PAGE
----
Between August and October 1887 Ruskin was in Folkestone. He purchased some drawings of the town as it looked earlier in the century, but resisted appeals to give them to the local museum. This blog sheds new light on the episode.
RUSKIN AND FOLKESTONE
Ruskin arrived in Folkestone on England’s Kent coast at the end of August 1887. He moved two months later to the neighbouring resort of Sandgate which he made his home until early June 1888. He was there during another difficult bout of the persistent mental illness that increasingly debilitated him in his old age. He had spectacularly fallen out with Joan Severn, his cousin and de facto carer, and the housekeeper at his Coniston home, Brantwood. Sone physical distance between them was essential.
In November, an American journalist visited Sandgate and interviewed Ruskin. The resulting article, dated 22 November, appeared the following January in the pages of the Boston Evening Transcript under the title, “Ruskin at Close View. An Interview with the Great Critic at Sandgate”. It was reproduced, lightly edited, in the Library Edition of the Works of John Ruskin (vol. 34, pp. 671-673) under the title, “Ruskin at Sandgate (1887)”.
Devonshire Terrace, Sandgate, with the back of the
Kent Hotel in the distance.
The interview took place at “an old-fashioned hotel, whose living-rooms look directly on to a shingly shore”. This was the (Royal) Kent Hotel, which fronted the High Street, but backed on to the beach and overlooked the English Channel. Ruskin looked well.
“There was no sign of weakness as he advanced and with kind cordiality greeted his visitor, pointed out a comfortable chair, and alluded en passant to the charming quaintness of the room. ‘It is so quiet,’ he remarked, ‘nothing but the sound of the sea, a murmur of waves, a rest and a pleasure.’”
The journalist began by referring to a newspaper report he had read in which it was noted that Ruskin had recently purchased “some water-colour drawings by Turner, of Old Folkestone”. Ruskin smiled and replied,
“That is not quite true, though of course there is a foundation for it. I bought some drawings from a Mr Barrow, of Old Folkestone, intending to use them as illustrations in a forthcoming book, depicting this coast in the days of Turner—you may know that Turner lived at Margate and painted all along this coast.”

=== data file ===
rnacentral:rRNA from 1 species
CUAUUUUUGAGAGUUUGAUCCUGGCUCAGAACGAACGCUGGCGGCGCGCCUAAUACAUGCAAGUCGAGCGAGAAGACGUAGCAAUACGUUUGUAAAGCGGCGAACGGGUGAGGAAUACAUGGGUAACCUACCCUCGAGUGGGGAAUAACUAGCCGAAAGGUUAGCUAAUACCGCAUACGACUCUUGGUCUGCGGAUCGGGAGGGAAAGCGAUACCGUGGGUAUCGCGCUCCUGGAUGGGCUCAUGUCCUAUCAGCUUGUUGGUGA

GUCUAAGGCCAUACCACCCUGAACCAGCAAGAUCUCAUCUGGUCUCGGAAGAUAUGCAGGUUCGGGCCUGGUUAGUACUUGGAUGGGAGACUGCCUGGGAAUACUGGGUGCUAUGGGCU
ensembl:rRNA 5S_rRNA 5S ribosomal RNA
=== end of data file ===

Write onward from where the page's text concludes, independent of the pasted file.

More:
The proposed book, as Ruskin’s editors note, was one of many that never came to fruition.
Ruskin’s answer is potentially confusing. If the drawings had belonged to “a Mr Barrow” his identity remains unclear. They were bought from a Mr Fetherstone, though he may merely have acted as the agent. The evidence for this is supplied in the columns of the Folkestone Express, Sandgate, Shorncliffe & Hythe Advertiser. Cook and Wedderburn do not quote it, and as far as I know, Ruskin scholars have not pursued it until now.
On 17 September 1887 the newspaper referred to “half a dozen views of old Folkestone, on view in the shop of Mr Fetherstone”. A little digging reveals the seller to be William Fetherstone (1840-1907), a local carver and gilder with a shop at 55 High Street, who since the early 1850s had sold artists’ materials, and cleaned, repaired and framed pictures of all kinds.
A week later (on the 24th) the Express reported that the notice about the drawings had been brought to the attention of Professor Ruskin, who was known to be residing at the Paris Hotel in the town. Readers were told that Ruskin “sent for the sketches and at once purchased them”.
The American article does not make it clear whether the drawings were by Turner.
They were not.
It is to the Folkestone Express that we must once again turn in order to discover the identity of the artist responsible for these watercolour drawings. This, too, is evidence that was not cited by Cook and Wedderburn, and it seems not to have been spotted by subsequent scholars.
The relevant information is in a letter addressed to the editor of the newspaper by the artist Felix Joseph (1840-1892), who at the time was staying at the Cavendish Hotel in Eastbourne, about 44 miles along the coast. His letter was dated 14th September (though presumably, given the established chronology, it should have read the 24th). It was published in the issue of the 28th. Joseph referred in his letter to the “water colour drawings of Old Folkestone, by George Barnard”.
George Barnard (1807-1890) was an artist, writer, and from 1843 to 1880, the drawing master at Rugby School. As such, some of Ruskin’s Hinksey diggers, many of whom were alumni of Rugby who went on to study at Balliol College, would have received their first instruction in art from him. There are no references to Barnard indexed in the 39 volumes of the Library Edition of Ruskin’s Works. Yet, in common with Ruskin, Barnard had been a pupil of the landscape artist, J. D. Harding (1798-1863), and was a prominent member of the Alpine Club. When The Alpine Journal published its obituary of Barnard, it stated: